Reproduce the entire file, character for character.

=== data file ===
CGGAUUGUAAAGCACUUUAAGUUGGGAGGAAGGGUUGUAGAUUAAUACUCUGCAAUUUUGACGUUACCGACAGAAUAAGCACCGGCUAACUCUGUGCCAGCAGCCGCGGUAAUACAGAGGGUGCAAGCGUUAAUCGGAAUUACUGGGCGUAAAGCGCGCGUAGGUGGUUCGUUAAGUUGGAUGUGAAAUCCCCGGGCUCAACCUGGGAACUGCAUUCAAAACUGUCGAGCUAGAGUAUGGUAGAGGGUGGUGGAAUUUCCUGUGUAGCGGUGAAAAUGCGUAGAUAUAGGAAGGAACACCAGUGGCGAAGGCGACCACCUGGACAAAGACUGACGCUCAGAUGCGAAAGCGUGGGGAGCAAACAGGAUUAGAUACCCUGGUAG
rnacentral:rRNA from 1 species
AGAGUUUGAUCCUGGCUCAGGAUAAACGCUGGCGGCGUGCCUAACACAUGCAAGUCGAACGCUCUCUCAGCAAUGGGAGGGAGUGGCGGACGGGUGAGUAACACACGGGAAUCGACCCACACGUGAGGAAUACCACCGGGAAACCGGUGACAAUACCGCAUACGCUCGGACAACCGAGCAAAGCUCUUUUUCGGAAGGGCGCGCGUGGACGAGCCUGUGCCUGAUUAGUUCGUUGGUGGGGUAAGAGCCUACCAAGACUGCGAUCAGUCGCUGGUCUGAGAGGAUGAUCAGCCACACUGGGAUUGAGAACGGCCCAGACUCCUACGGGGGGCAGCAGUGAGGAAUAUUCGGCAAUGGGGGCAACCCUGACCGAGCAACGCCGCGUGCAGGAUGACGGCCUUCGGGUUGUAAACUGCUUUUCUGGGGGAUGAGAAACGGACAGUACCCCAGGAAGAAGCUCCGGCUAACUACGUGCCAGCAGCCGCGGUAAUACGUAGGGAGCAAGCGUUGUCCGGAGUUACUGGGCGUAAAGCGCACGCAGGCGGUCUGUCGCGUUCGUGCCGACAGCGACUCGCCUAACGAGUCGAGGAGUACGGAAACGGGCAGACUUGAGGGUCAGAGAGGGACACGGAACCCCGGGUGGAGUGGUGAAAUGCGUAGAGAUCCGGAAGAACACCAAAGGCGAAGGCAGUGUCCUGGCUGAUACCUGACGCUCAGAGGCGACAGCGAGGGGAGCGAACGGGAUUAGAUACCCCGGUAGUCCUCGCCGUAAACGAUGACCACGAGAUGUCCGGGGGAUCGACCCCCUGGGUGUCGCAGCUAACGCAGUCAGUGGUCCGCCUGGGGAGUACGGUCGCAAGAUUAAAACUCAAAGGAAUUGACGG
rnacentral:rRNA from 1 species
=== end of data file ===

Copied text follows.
CGGAUUGUAAAGCACUUUAAGUUGGGAGGAAGGGUUGUAGAUUAAUACUCUGCAAUUUUGACGUUACCGACAGAAUAAGCACCGGCUAACUCUGUGCCAGCAGCCGCGGUAAUACAGAGGGUGCAAGCGUUAAUCGGAAUUACUGGGCGUAAAGCGCGCGUAGGUGGUUCGUUAAGUUGGAUGUGAAAUCCCCGGGCUCAACCUGGGAACUGCAUUCAAAACUGUCGAGCUAGAGUAUGGUAGAGGGUGGUGGAAUUUCCUGUGUAGCGGUGAAAAUGCGUAGAUAUAGGAAGGAACACCAGUGGCGAAGGCGACCACCUGGACAAAGACUGACGCUCAGAUGCGAAAGCGUGGGGAGCAAACAGGAUUAGAUACCCUGGUAG
rnacentral:rRNA from 1 species
AGAGUUUGAUCCUGGCUCAGGAUAAACGCUGGCGGCGUGCCUAACACAUGCAAGUCGAACGCUCUCUCAGCAAUGGGAGGGAGUGGCGGACGGGUGAGUAACACACGGGAAUCGACCCACACGUGAGGAAUACCACCGGGAAACCGGUGACAAUACCGCAUACGCUCGGACAACCGAGCAAAGCUCUUUUUCGGAAGGGCGCGCGUGGACGAGCCUGUGCCUGAUUAGUUCGUUGGUGGGGUAAGAGCCUACCAAGACUGCGAUCAGUCGCUGGUCUGAGAGGAUGAUCAGCCACACUGGGAUUGAGAACGGCCCAGACUCCUACGGGGGGCAGCAGUGAGGAAUAUUCGGCAAUGGGGGCAACCCUGACCGAGCAACGCCGCGUGCAGGAUGACGGCCUUCGGGUUGUAAACUGCUUUUCUGGGGGAUGAGAAACGGACAGUACCCCAGGAAGAAGCUCCGGCUAACUACGUGCCAGCAGCCGCGGUAAUACGUAGGGAGCAAGCGUUGUCCGGAGUUACUGGGCGUAAAGCGCACGCAGGCGGUCUGUCGCGUUCGUGCCGACAGCGACUCGCCUAACGAGUCGAGGAGUACGGAAACGGGCAGACUUGAGGGUCAGAGAGGGACACGGAACCCCGGGUGGAGUGGUGAAAUGCGUAGAGAUCCGGAAGAACACCAAAGGCGAAGGCAGUGUCCUGGCUGAUACCUGACGCUCAGAGGCGACAGCGAGGGGAGCGAACGGGAUUAGAUACCCCGGUAGUCCUCGCCGUAAACGAUGACCACGAGAUGUCCGGGGGAUCGACCCCCUGGGUGUCGCAGCUAACGCAGUCAGUGGUCCGCCUGGGGAGUACGGUCGCAAGAUUAAAACUCAAAGGAAUUGACGG
rnacentral:rRNA from 1 species